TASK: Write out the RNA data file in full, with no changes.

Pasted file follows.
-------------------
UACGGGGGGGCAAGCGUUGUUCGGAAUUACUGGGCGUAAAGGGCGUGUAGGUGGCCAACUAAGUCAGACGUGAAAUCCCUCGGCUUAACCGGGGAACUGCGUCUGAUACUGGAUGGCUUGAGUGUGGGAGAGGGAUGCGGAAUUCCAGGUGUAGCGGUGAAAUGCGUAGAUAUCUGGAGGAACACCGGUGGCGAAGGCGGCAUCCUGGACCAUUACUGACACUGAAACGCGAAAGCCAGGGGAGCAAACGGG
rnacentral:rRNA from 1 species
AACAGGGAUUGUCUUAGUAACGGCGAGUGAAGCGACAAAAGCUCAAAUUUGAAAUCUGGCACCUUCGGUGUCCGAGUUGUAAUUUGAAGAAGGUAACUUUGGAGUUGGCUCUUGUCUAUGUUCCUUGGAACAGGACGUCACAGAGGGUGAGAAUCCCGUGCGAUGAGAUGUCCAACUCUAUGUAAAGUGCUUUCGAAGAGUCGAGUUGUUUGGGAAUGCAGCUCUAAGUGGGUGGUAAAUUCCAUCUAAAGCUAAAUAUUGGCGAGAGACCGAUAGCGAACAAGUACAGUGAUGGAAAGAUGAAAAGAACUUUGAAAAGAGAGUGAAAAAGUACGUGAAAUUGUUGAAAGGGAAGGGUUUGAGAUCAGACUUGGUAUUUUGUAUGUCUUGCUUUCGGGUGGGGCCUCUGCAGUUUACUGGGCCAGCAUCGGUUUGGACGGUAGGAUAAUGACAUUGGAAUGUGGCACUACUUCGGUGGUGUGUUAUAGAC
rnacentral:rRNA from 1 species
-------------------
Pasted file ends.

UACGGGGGGGCAAGCGUUGUUCGGAAUUACUGGGCGUAAAGGGCGUGUAGGUGGCCAACUAAGUCAGACGUGAAAUCCCUCGGCUUAACCGGGGAACUGCGUCUGAUACUGGAUGGCUUGAGUGUGGGAGAGGGAUGCGGAAUUCCAGGUGUAGCGGUGAAAUGCGUAGAUAUCUGGAGGAACACCGGUGGCGAAGGCGGCAUCCUGGACCAUUACUGACACUGAAACGCGAAAGCCAGGGGAGCAAACGGG
rnacentral:rRNA from 1 species
AACAGGGAUUGUCUUAGUAACGGCGAGUGAAGCGACAAAAGCUCAAAUUUGAAAUCUGGCACCUUCGGUGUCCGAGUUGUAAUUUGAAGAAGGUAACUUUGGAGUUGGCUCUUGUCUAUGUUCCUUGGAACAGGACGUCACAGAGGGUGAGAAUCCCGUGCGAUGAGAUGUCCAACUCUAUGUAAAGUGCUUUCGAAGAGUCGAGUUGUUUGGGAAUGCAGCUCUAAGUGGGUGGUAAAUUCCAUCUAAAGCUAAAUAUUGGCGAGAGACCGAUAGCGAACAAGUACAGUGAUGGAAAGAUGAAAAGAACUUUGAAAAGAGAGUGAAAAAGUACGUGAAAUUGUUGAAAGGGAAGGGUUUGAGAUCAGACUUGGUAUUUUGUAUGUCUUGCUUUCGGGUGGGGCCUCUGCAGUUUACUGGGCCAGCAUCGGUUUGGACGGUAGGAUAAUGACAUUGGAAUGUGGCACUACUUCGGUGGUGUGUUAUAGAC
rnacentral:rRNA from 1 species